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ArmyHistoryReview001040202

From: Frank Conlon <conlon@U.WASHINGTON.EDU>
List Editor: Frank Conlon <conlon@U.WASHINGTON.EDU>

Editor's Subject: H-ASIA: REVIEW H-Net Review Publication: 'The Military History of the Island of Corregidor'

Author's Subject: H-ASIA: REVIEW H-Net Review Publication: 'The Military History of the Island of Corregidor'

Date Written: Mon, 27 Sep 2010 10:21:35 -0700
Date Posted: Tue, 27 Sep 2010 13:21:35 -0400

H-ASIA

September 27, 2010

Book Review (orig pub. H-LatAm) by Michiel Baud on Charles M. Hubbard and
Collis H. Davis.¬  _Corregidor in Peace and War_.

(x-post H-Review)

***********************************************************************

From: H-Net Staff <revhelp@MAIL.H-NET.MSU.EDU>

Charles M. Hubbard and Collis H. Davis.¬  _Corregidor in Peace and War_.

Columbia¬  University of Missouri Press, 2007.¬  216 pp.¬ $39.95

(cloth), ISBN 978-0-8262-1712-7.

Reviewed by Michiel Baud (University of Amsterdam )
Published on H-LatAm (September, 2010)
Commissioned by Dennis R. Hidalgo¬ 

The Military History of the Island of Corregidor

This is the kind of book that you will find on coffee tables of people interested in history, and in the case of this book, military history. Its subject is the small but strategically located island Corregidor at the entrance of the Bay of Manila, that because of its position has had a turbulent history of military warfare. It contains beautiful, although  not always relevant photos and maps that all testify to this history. The text is less important in these kinds of books, but in six concise chapters, the authors try to explain the military importance of the  island. In a traditional historical fashion they tell the story of an  island which, almost in spite of itself, became an epitome of the Philippines' modern military history.

In many ways, just as Philippine modern history itself, Corregidor was also part of U.S. military history. By the second half of the nineteenth century, many American weapons had found their way to the Philippines.  With the outbreak of the Spanish-American War in 1898, the Philippines  became the center of the U.S. military efforts. Admiral George Dewey led the American fleet into Manila Bay on May 1 of the same year and at the end of the year the Philippines passed into American hands. The  Americans soon grasped the strategic value of the island and started to really fortify it. In 1902 the whole bay area was converted into the Manila Bay Defense Reservation and modern defensive positions were constructed on Corregidor. The island was literally transformed into a formidable fortress with heavy artillery of large caliber.

The irony was that most of the weaponry placed on the island consisted of  models that had been used or tested in World War I and which were more  or less archaic at the moment they were installed. Battleships that were built after the war were far too powerful to be bothered by these weapons. In addition, the emergence of airplanes as an offensive weapon  exposed the weakness of the military constructions. Already by 1922, when the construction of the fortress was more or less completed, the weapons and fortifications of Manila Bay were clearly obsolete. This combined with downsized budgets would prove disastrous in 1942 when  Manila was attacked by Japanese forces.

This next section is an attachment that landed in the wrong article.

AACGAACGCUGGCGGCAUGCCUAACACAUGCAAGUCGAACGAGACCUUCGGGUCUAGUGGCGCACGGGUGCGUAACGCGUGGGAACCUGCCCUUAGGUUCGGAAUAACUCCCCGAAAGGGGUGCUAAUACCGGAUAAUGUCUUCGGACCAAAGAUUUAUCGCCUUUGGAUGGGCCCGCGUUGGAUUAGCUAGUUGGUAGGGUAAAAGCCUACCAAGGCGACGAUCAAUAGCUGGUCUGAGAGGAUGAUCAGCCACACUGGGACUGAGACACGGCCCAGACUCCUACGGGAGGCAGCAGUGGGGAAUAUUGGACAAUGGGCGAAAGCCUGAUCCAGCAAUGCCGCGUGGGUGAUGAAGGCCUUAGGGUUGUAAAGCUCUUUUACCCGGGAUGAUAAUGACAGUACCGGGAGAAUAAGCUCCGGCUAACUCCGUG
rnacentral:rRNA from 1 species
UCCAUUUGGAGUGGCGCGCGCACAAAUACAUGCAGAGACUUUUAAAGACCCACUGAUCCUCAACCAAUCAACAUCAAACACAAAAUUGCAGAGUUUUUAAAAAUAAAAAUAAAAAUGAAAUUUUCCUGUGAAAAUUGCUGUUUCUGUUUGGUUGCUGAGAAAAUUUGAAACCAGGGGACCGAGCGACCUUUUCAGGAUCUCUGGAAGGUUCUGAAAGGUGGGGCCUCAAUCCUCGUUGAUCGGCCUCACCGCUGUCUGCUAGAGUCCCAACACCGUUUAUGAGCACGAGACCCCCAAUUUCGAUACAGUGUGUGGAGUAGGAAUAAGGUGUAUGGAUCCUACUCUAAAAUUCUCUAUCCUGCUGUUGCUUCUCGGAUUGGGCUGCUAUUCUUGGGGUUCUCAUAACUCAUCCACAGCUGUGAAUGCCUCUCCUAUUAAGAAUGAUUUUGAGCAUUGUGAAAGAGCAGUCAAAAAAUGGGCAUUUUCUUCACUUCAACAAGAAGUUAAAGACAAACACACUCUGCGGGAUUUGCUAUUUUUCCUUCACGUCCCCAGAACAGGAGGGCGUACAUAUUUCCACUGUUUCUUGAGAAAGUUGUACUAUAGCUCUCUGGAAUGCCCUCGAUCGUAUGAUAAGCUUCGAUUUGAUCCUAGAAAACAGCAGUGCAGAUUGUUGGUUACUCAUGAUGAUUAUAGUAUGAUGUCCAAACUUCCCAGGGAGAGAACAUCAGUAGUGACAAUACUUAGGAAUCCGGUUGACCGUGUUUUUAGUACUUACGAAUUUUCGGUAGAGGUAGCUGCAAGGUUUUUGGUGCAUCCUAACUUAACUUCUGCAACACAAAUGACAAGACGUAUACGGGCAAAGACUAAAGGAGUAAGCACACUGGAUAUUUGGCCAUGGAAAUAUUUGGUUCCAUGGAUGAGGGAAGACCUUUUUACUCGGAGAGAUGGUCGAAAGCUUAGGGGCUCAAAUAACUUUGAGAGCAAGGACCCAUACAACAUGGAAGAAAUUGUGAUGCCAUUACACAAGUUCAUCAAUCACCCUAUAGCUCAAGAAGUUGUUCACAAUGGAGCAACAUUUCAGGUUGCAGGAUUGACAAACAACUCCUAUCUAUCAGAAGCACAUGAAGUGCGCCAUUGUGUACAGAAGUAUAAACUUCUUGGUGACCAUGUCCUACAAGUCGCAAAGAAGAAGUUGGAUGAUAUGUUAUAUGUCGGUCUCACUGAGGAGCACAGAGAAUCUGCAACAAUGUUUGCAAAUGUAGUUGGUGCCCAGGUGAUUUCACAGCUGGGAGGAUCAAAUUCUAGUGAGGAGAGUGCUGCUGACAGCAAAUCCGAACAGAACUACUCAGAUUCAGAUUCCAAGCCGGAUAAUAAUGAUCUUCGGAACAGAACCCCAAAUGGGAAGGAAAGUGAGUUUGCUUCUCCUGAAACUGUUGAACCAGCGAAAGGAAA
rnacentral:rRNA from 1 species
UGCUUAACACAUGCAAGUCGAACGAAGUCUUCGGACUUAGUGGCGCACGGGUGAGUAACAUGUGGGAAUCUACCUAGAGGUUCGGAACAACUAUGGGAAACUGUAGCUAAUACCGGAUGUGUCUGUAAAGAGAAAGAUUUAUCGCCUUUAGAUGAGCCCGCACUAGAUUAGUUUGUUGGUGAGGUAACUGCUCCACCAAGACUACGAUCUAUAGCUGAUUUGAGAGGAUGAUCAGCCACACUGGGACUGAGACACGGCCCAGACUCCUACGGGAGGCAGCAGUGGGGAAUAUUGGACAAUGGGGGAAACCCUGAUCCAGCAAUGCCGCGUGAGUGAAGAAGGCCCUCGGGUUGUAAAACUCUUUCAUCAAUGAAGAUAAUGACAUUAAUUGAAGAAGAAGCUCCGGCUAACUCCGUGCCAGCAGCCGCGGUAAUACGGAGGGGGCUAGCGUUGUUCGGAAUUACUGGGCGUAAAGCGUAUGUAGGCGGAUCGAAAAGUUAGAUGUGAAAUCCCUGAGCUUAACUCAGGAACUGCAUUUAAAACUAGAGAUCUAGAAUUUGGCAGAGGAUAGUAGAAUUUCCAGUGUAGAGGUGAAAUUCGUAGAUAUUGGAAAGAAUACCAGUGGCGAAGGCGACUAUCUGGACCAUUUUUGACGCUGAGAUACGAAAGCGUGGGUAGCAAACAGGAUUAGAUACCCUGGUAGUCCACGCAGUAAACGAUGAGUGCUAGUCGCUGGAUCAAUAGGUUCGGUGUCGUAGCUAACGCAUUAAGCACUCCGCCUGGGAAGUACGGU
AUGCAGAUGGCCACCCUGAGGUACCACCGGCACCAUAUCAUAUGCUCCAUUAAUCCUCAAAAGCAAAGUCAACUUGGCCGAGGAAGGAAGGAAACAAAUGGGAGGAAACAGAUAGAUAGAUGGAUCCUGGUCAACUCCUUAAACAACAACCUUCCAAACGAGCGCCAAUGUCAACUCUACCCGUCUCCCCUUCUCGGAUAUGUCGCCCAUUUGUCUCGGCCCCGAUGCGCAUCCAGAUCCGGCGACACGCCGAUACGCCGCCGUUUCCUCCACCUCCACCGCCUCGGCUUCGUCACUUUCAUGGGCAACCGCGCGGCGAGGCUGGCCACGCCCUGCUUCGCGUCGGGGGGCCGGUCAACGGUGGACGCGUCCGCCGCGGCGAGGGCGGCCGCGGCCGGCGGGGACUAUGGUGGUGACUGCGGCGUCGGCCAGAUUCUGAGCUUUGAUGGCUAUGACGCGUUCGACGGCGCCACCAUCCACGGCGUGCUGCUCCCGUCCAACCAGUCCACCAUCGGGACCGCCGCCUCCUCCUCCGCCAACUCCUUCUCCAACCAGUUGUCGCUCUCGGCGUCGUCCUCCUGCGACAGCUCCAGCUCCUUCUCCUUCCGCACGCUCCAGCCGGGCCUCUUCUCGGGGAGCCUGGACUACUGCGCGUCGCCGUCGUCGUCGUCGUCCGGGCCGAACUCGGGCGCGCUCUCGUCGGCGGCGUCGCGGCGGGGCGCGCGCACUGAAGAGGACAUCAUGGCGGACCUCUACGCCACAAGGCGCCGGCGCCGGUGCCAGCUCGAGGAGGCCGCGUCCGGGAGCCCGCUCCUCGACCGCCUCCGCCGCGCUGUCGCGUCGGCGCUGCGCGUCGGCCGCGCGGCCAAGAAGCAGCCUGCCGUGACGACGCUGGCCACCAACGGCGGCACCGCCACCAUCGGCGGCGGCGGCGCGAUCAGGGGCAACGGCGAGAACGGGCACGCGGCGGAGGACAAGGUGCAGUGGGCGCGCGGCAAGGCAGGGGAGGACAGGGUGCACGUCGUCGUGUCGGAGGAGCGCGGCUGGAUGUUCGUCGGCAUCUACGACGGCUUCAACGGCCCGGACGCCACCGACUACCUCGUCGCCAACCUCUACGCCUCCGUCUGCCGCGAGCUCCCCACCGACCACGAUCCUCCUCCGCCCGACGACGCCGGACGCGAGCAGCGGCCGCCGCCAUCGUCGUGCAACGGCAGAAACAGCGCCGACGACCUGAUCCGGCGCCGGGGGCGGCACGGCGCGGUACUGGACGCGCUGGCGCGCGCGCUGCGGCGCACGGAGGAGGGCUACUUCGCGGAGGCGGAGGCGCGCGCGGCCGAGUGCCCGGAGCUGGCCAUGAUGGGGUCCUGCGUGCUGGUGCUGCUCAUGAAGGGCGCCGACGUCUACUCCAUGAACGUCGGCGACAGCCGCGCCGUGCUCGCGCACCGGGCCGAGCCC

Within a few hours of the air strike at Pearl Harbor in December 1941, the Japanese began to bomb the Philippines and destroyed most of the  American planes in the country, eliminating in the process any chance of effective air resistance. This accentuated the vulnerable situation of Corregidor. In the last days of the month, the Japanese began systematically bombing the islands in Manila Bay and soon Japanese  forces landed in Luzon. The American general Douglas MacArthur ordered a strategic withdrawal to the Bataan Peninsula in order to concentrate his forces and to defend the peninsula, supported by fortress Corregidor, in anticipation of reinforcements. However, this support did not come and the American and Philippine forces were quickly surrounded by Japanese troops. In spite of this situation and the dangerously  overcrowded situation on the island Corregidor (where 15,000 people  lived close together with a deficient fresh water supply) it defended itself until early May when the Japanese landed on the island and established a beachhead. By then the military forces in Bataan had already surrendered and the situation on the island was hopeless. On May 6, Corregidor forces also surrendered to the Japanese. The Japanese forces would control the island until February 1945, when the last 35 of almost 6,000 Japanese soldiers and marines surrendered to the then superior American forces.

This is in a nutshell the story on Corregidor as told in this book. It touches on some debates among military historians but in general the authors are content with simply telling the story of the military  proceedings around the island. As such, it seems to be directed more toward a generally interested public, possibly even tourists visiting  the island, than toward professional historians. It is also an eminently American book. The American perspective and the lives of American  soldiers and generals are central, but the Filipino, let alone the Japanese, actors hardly come to life. As said at the startof this review, this is a well-designed coffee table book; for historians it can only be the start of further reading on the fascinating  twentieth-century history of the Philippines.

Citation: Michiel Baud. Review of Hubbard, Charles M.; Davis, Collis H., _Corregidor in Peace and War_. H-LatAm, H-Net Reviews. September, 2010.

URL: https://www.h-net.org/reviews/showrev.php?id=31200

This work is licensed under a Creative Commons Attribution-Noncommercial-No Derivative Works 3.0 United States License.

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